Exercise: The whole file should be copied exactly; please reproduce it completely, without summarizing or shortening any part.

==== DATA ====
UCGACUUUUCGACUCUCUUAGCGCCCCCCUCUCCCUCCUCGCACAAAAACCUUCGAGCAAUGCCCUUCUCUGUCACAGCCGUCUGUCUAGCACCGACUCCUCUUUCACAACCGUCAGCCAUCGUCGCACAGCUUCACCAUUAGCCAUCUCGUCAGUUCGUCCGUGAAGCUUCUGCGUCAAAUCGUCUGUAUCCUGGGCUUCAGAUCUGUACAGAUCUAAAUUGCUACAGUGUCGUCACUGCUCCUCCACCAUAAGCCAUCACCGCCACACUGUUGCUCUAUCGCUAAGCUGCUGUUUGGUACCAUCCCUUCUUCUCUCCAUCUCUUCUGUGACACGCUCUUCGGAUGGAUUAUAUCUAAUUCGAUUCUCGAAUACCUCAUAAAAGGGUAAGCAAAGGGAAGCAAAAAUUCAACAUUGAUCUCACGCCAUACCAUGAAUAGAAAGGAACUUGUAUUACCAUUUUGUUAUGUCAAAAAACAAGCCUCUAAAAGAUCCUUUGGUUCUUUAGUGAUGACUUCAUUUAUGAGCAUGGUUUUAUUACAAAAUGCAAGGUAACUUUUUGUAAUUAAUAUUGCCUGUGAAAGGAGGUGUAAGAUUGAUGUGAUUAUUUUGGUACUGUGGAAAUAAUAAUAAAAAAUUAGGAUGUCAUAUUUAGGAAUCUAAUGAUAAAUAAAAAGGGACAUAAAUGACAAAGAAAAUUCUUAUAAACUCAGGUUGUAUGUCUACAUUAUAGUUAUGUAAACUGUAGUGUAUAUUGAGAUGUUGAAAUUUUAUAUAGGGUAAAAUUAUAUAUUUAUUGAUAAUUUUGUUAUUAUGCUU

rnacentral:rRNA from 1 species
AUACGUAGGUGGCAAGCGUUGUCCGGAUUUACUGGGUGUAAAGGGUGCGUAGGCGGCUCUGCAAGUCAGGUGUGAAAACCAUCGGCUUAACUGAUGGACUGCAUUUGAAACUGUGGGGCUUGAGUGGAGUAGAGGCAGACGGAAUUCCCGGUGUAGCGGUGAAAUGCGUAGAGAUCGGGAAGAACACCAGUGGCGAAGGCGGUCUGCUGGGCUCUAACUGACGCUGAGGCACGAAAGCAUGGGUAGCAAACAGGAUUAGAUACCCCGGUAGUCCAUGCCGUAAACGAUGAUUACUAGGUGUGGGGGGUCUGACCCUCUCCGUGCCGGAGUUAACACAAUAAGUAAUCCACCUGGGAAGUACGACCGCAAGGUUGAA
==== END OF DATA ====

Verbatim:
UCGACUUUUCGACUCUCUUAGCGCCCCCCUCUCCCUCCUCGCACAAAAACCUUCGAGCAAUGCCCUUCUCUGUCACAGCCGUCUGUCUAGCACCGACUCCUCUUUCACAACCGUCAGCCAUCGUCGCACAGCUUCACCAUUAGCCAUCUCGUCAGUUCGUCCGUGAAGCUUCUGCGUCAAAUCGUCUGUAUCCUGGGCUUCAGAUCUGUACAGAUCUAAAUUGCUACAGUGUCGUCACUGCUCCUCCACCAUAAGCCAUCACCGCCACACUGUUGCUCUAUCGCUAAGCUGCUGUUUGGUACCAUCCCUUCUUCUCUCCAUCUCUUCUGUGACACGCUCUUCGGAUGGAUUAUAUCUAAUUCGAUUCUCGAAUACCUCAUAAAAGGGUAAGCAAAGGGAAGCAAAAAUUCAACAUUGAUCUCACGCCAUACCAUGAAUAGAAAGGAACUUGUAUUACCAUUUUGUUAUGUCAAAAAACAAGCCUCUAAAAGAUCCUUUGGUUCUUUAGUGAUGACUUCAUUUAUGAGCAUGGUUUUAUUACAAAAUGCAAGGUAACUUUUUGUAAUUAAUAUUGCCUGUGAAAGGAGGUGUAAGAUUGAUGUGAUUAUUUUGGUACUGUGGAAAUAAUAAUAAAAAAUUAGGAUGUCAUAUUUAGGAAUCUAAUGAUAAAUAAAAAGGGACAUAAAUGACAAAGAAAAUUCUUAUAAACUCAGGUUGUAUGUCUACAUUAUAGUUAUGUAAACUGUAGUGUAUAUUGAGAUGUUGAAAUUUUAUAUAGGGUAAAAUUAUAUAUUUAUUGAUAAUUUUGUUAUUAUGCUU

rnacentral:rRNA from 1 species
AUACGUAGGUGGCAAGCGUUGUCCGGAUUUACUGGGUGUAAAGGGUGCGUAGGCGGCUCUGCAAGUCAGGUGUGAAAACCAUCGGCUUAACUGAUGGACUGCAUUUGAAACUGUGGGGCUUGAGUGGAGUAGAGGCAGACGGAAUUCCCGGUGUAGCGGUGAAAUGCGUAGAGAUCGGGAAGAACACCAGUGGCGAAGGCGGUCUGCUGGGCUCUAACUGACGCUGAGGCACGAAAGCAUGGGUAGCAAACAGGAUUAGAUACCCCGGUAGUCCAUGCCGUAAACGAUGAUUACUAGGUGUGGGGGGUCUGACCCUCUCCGUGCCGGAGUUAACACAAUAAGUAAUCCACCUGGGAAGUACGACCGCAAGGUUGAA